When the London-born and Oxford-educated Abhisit Vejjajiva was appointed prime minister – after Yellow Shirt-leaning judges banned Thaksin’s “People Power Party” in a controversial court ruling – the Red Shirts rebelled.
Protests spilled onto Bangkok streets last year, as a violent military crackdown on Red Shirt demonstrators killed 91 people and wounded nearly 1,900.
Fearing more of the same this year, last week, Thailand’s powerful military head, Gen. Prayuth Chan-ocha, dispatched nearly 160 hard-line colonels and lieutenant colonels to take over the command in Thailand’s northern provinces, which are Red Shirt strongholds.
And since Abhisit’s ruling Democratic Party reportedly didn’t give the order to open fire on Cambodia, many believe Thailand’s generals are keeping the border dispute in the headlines as a means to portray the military as the saviors of Thailand.
Some even wonder if the military is preparing to stage another coup – there have been 18 coups since 1932 – although as Sulak Sivaraksa, a social activist, said to me: “The military doesn’t want a coup anymore. The last coup was the worst they ever had and they learned.”
Meanwhile, Thaksin, who is banned from politics in Thailand on corruption charges and lives in exile in Dubai, continues to play a central role. He still addresses supporters by video-link and appears on his party’s billboards (one slogan reads: “Thaksin thinks, Puea Thai does”). Just last week, the Red Shirts nominated a candidate well-known to Thaksin to lead the party into the election: his younger sister, Yingluck Shinawatra, a businesswoman who has little political experience and is seen as a stand-in for him.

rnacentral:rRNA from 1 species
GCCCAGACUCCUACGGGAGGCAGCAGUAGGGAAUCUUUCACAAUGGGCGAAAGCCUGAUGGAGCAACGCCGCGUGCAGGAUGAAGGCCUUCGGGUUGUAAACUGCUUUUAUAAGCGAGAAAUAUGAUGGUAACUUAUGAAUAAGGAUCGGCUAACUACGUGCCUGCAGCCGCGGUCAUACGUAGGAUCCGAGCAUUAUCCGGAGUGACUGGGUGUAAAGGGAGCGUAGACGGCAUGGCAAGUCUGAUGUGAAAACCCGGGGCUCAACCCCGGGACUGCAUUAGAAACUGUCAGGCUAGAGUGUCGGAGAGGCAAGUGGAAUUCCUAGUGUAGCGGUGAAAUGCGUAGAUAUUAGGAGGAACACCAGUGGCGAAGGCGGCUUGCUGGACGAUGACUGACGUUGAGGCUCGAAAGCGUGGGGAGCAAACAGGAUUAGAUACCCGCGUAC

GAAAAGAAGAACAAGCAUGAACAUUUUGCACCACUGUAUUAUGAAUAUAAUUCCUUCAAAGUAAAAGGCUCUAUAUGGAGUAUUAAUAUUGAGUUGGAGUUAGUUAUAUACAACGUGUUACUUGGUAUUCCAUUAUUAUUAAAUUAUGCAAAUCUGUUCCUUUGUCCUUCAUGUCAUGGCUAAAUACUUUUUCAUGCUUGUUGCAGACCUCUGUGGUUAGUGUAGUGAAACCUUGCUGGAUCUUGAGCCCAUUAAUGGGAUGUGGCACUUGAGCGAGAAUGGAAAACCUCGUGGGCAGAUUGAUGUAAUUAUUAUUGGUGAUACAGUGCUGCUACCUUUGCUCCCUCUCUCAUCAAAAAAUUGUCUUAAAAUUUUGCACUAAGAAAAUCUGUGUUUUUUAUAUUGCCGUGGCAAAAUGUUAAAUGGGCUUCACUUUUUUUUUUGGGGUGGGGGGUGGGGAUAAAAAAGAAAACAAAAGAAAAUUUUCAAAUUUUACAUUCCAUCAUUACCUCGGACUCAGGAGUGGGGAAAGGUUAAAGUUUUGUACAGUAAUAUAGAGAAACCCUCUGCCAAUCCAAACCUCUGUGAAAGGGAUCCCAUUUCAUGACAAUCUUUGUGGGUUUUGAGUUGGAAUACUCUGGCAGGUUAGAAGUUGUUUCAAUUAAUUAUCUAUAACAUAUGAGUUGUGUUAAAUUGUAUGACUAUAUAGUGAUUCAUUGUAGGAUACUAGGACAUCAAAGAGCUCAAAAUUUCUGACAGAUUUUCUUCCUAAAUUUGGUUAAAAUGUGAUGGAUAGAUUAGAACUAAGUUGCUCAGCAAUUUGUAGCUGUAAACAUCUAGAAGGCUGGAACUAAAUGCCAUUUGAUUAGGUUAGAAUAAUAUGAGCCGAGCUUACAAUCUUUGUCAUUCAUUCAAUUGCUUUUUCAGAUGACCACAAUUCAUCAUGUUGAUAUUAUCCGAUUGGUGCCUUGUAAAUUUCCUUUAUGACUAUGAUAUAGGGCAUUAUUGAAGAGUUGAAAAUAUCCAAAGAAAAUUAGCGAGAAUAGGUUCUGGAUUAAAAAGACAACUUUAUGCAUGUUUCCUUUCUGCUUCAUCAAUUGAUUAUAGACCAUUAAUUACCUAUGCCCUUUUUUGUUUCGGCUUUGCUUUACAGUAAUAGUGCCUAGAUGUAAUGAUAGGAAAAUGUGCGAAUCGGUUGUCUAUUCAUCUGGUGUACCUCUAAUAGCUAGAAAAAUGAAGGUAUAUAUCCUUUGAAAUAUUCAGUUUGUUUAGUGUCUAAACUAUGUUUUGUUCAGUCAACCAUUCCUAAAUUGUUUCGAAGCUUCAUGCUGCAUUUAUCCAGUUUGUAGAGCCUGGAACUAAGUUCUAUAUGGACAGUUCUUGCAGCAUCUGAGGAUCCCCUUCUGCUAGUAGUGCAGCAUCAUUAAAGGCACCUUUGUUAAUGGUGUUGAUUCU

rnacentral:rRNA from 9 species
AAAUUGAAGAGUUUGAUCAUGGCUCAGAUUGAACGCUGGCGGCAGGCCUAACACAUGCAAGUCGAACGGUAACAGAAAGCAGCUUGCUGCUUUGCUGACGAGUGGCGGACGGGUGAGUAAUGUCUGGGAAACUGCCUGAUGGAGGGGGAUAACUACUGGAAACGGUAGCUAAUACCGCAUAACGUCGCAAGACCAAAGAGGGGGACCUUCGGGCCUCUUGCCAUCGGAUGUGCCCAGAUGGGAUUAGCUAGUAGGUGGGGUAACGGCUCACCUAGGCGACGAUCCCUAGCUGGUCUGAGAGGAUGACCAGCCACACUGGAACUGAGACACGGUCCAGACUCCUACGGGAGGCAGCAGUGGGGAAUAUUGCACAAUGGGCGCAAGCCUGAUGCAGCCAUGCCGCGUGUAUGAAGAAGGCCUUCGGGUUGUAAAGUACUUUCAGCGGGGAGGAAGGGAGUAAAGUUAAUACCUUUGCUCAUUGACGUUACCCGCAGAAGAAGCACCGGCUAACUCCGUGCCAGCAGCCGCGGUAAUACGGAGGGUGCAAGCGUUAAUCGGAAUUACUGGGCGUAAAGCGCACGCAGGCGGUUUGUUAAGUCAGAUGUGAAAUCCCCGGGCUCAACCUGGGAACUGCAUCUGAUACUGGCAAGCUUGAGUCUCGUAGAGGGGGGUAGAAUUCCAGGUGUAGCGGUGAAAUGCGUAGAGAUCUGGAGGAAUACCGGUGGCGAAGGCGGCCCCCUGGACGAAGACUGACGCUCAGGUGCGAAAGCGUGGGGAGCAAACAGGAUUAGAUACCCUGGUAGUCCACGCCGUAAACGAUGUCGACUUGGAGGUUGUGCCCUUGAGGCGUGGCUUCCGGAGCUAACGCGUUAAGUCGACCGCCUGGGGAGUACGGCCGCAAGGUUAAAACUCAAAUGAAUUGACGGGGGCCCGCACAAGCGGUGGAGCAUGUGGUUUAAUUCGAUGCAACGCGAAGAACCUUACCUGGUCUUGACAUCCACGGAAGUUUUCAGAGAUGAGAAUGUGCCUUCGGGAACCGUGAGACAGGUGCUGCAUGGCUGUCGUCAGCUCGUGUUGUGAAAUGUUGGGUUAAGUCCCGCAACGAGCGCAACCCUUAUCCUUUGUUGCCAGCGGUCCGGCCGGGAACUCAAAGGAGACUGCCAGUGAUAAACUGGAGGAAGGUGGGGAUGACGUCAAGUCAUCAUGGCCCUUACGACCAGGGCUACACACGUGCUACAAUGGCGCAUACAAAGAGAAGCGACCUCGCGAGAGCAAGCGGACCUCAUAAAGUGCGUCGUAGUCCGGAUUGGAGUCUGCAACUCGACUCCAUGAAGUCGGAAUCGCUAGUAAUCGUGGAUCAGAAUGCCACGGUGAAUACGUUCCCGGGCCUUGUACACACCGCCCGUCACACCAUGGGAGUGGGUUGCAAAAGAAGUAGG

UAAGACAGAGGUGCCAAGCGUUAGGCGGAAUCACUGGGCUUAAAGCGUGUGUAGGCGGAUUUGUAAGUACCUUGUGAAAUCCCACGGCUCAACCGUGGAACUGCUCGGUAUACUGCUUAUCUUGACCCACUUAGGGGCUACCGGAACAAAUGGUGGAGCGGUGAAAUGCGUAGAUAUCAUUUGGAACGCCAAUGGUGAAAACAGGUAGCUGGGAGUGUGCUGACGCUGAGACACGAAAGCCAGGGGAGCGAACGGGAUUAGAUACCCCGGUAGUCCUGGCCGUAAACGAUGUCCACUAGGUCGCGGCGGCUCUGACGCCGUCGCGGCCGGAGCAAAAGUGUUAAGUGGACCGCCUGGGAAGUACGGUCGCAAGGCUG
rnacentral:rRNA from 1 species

While Abhisit sees the election as a chance for Thailand to “wipe the slate clean,” Thaksin supporters see it as the final chance to right the wrongs of the 2006 coup. A decade after Thaksin won over voters by offering cheap healthcare and microloans to the poor, Abhisit is taking a page from the same book, offering to guarantee crop prices, offer free education and give cash handouts to the elderly poor.
Will it be enough? Polls indicate the race to be tight, with no party expected to win an overall majority, meaning a coalition is the most likely outcome. In 2008, the military reportedly twisted the arms of small parties to join with the Abhisit-led Democrats.
If Red Shirts defeat Yellow Shirts this time –as they have in the past four elections – will they be allowed to rule unchallenged? Or will the army get involved again?
As one long-time official here tells me: “The military establishment will not let Thaksin supporters come back to power. They are afraid of scenes like those in Egypt and Libya.”
Come July, the violence and democratic unrest we’ve seen in the Middle East might make the leap to Southeast Asia. If it happens, Thais might look back fondly on the days when the only fireworks witnessed in this region came in the skies around a 1,000-year-old temple populated by Buddhist monks wearing traditional orange robes –incidentally, the color you get when you mix red and yellow.